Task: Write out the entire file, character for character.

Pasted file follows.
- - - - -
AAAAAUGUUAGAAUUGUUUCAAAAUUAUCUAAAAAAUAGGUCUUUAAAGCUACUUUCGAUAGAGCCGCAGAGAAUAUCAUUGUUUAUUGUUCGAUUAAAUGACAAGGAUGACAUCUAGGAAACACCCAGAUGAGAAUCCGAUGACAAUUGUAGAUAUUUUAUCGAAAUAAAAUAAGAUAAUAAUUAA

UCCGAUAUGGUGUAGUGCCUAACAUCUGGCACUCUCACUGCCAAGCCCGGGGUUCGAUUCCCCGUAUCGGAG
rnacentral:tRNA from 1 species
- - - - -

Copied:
AAAAAUGUUAGAAUUGUUUCAAAAUUAUCUAAAAAAUAGGUCUUUAAAGCUACUUUCGAUAGAGCCGCAGAGAAUAUCAUUGUUUAUUGUUCGAUUAAAUGACAAGGAUGACAUCUAGGAAACACCCAGAUGAGAAUCCGAUGACAAUUGUAGAUAUUUUAUCGAAAUAAAAUAAGAUAAUAAUUAA

UCCGAUAUGGUGUAGUGCCUAACAUCUGGCACUCUCACUGCCAAGCCCGGGGUUCGAUUCCCCGUAUCGGAG
rnacentral:tRNA from 1 species